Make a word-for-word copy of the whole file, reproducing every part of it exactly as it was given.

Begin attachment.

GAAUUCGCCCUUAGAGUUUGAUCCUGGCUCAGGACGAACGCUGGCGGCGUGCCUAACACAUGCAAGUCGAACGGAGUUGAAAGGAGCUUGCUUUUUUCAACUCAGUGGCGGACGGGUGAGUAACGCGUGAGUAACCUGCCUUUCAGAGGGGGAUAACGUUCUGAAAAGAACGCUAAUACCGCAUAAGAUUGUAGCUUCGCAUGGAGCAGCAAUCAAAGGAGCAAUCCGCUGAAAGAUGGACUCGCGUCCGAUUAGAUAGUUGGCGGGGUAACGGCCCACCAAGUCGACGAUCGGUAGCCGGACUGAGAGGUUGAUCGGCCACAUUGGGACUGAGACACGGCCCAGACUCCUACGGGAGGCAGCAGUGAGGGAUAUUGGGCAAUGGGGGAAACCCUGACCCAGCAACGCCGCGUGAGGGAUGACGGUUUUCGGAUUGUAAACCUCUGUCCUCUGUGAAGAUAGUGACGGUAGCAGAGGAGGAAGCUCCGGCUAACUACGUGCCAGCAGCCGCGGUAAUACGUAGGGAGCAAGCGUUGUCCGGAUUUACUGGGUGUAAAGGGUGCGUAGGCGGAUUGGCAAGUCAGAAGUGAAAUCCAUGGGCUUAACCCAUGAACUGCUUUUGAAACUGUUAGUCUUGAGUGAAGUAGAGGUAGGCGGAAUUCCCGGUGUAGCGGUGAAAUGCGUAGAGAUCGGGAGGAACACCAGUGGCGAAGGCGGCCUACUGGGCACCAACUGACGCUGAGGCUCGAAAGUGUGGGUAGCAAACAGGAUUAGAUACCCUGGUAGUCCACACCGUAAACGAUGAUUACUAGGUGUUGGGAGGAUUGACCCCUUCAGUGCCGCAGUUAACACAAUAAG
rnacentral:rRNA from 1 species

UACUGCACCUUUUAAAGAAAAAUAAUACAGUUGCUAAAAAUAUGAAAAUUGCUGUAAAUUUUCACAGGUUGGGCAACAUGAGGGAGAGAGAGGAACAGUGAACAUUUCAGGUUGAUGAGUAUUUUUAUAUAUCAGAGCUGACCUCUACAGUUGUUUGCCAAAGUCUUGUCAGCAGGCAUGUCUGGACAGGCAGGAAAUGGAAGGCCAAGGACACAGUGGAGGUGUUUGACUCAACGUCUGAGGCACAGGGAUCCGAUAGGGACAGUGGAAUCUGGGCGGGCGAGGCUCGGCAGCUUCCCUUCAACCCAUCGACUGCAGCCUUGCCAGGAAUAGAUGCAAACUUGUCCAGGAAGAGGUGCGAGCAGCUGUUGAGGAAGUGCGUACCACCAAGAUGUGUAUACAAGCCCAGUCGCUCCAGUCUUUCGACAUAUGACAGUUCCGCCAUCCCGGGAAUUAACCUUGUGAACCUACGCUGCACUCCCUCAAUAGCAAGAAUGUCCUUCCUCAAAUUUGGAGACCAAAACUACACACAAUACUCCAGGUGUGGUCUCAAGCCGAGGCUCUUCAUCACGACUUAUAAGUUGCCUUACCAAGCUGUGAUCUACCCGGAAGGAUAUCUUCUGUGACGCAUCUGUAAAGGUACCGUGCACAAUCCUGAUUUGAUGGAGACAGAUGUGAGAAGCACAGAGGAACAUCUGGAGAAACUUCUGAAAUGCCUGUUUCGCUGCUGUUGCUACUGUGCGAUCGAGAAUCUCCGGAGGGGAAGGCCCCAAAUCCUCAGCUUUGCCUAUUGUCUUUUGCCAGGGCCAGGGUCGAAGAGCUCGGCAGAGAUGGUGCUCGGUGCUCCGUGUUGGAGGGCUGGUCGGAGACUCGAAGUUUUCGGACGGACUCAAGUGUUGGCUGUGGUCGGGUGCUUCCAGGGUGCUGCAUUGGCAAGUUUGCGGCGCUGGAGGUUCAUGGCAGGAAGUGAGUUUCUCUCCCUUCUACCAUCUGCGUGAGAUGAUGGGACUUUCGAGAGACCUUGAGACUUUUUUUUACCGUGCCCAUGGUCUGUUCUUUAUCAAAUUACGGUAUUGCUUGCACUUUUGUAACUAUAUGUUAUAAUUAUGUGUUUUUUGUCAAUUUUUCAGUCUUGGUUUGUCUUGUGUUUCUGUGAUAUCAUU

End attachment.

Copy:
GAAUUCGCCCUUAGAGUUUGAUCCUGGCUCAGGACGAACGCUGGCGGCGUGCCUAACACAUGCAAGUCGAACGGAGUUGAAAGGAGCUUGCUUUUUUCAACUCAGUGGCGGACGGGUGAGUAACGCGUGAGUAACCUGCCUUUCAGAGGGGGAUAACGUUCUGAAAAGAACGCUAAUACCGCAUAAGAUUGUAGCUUCGCAUGGAGCAGCAAUCAAAGGAGCAAUCCGCUGAAAGAUGGACUCGCGUCCGAUUAGAUAGUUGGCGGGGUAACGGCCCACCAAGUCGACGAUCGGUAGCCGGACUGAGAGGUUGAUCGGCCACAUUGGGACUGAGACACGGCCCAGACUCCUACGGGAGGCAGCAGUGAGGGAUAUUGGGCAAUGGGGGAAACCCUGACCCAGCAACGCCGCGUGAGGGAUGACGGUUUUCGGAUUGUAAACCUCUGUCCUCUGUGAAGAUAGUGACGGUAGCAGAGGAGGAAGCUCCGGCUAACUACGUGCCAGCAGCCGCGGUAAUACGUAGGGAGCAAGCGUUGUCCGGAUUUACUGGGUGUAAAGGGUGCGUAGGCGGAUUGGCAAGUCAGAAGUGAAAUCCAUGGGCUUAACCCAUGAACUGCUUUUGAAACUGUUAGUCUUGAGUGAAGUAGAGGUAGGCGGAAUUCCCGGUGUAGCGGUGAAAUGCGUAGAGAUCGGGAGGAACACCAGUGGCGAAGGCGGCCUACUGGGCACCAACUGACGCUGAGGCUCGAAAGUGUGGGUAGCAAACAGGAUUAGAUACCCUGGUAGUCCACACCGUAAACGAUGAUUACUAGGUGUUGGGAGGAUUGACCCCUUCAGUGCCGCAGUUAACACAAUAAG
rnacentral:rRNA from 1 species

UACUGCACCUUUUAAAGAAAAAUAAUACAGUUGCUAAAAAUAUGAAAAUUGCUGUAAAUUUUCACAGGUUGGGCAACAUGAGGGAGAGAGAGGAACAGUGAACAUUUCAGGUUGAUGAGUAUUUUUAUAUAUCAGAGCUGACCUCUACAGUUGUUUGCCAAAGUCUUGUCAGCAGGCAUGUCUGGACAGGCAGGAAAUGGAAGGCCAAGGACACAGUGGAGGUGUUUGACUCAACGUCUGAGGCACAGGGAUCCGAUAGGGACAGUGGAAUCUGGGCGGGCGAGGCUCGGCAGCUUCCCUUCAACCCAUCGACUGCAGCCUUGCCAGGAAUAGAUGCAAACUUGUCCAGGAAGAGGUGCGAGCAGCUGUUGAGGAAGUGCGUACCACCAAGAUGUGUAUACAAGCCCAGUCGCUCCAGUCUUUCGACAUAUGACAGUUCCGCCAUCCCGGGAAUUAACCUUGUGAACCUACGCUGCACUCCCUCAAUAGCAAGAAUGUCCUUCCUCAAAUUUGGAGACCAAAACUACACACAAUACUCCAGGUGUGGUCUCAAGCCGAGGCUCUUCAUCACGACUUAUAAGUUGCCUUACCAAGCUGUGAUCUACCCGGAAGGAUAUCUUCUGUGACGCAUCUGUAAAGGUACCGUGCACAAUCCUGAUUUGAUGGAGACAGAUGUGAGAAGCACAGAGGAACAUCUGGAGAAACUUCUGAAAUGCCUGUUUCGCUGCUGUUGCUACUGUGCGAUCGAGAAUCUCCGGAGGGGAAGGCCCCAAAUCCUCAGCUUUGCCUAUUGUCUUUUGCCAGGGCCAGGGUCGAAGAGCUCGGCAGAGAUGGUGCUCGGUGCUCCGUGUUGGAGGGCUGGUCGGAGACUCGAAGUUUUCGGACGGACUCAAGUGUUGGCUGUGGUCGGGUGCUUCCAGGGUGCUGCAUUGGCAAGUUUGCGGCGCUGGAGGUUCAUGGCAGGAAGUGAGUUUCUCUCCCUUCUACCAUCUGCGUGAGAUGAUGGGACUUUCGAGAGACCUUGAGACUUUUUUUUACCGUGCCCAUGGUCUGUUCUUUAUCAAAUUACGGUAUUGCUUGCACUUUUGUAACUAUAUGUUAUAAUUAUGUGUUUUUUGUCAAUUUUUCAGUCUUGGUUUGUCUUGUGUUUCUGUGAUAUCAUU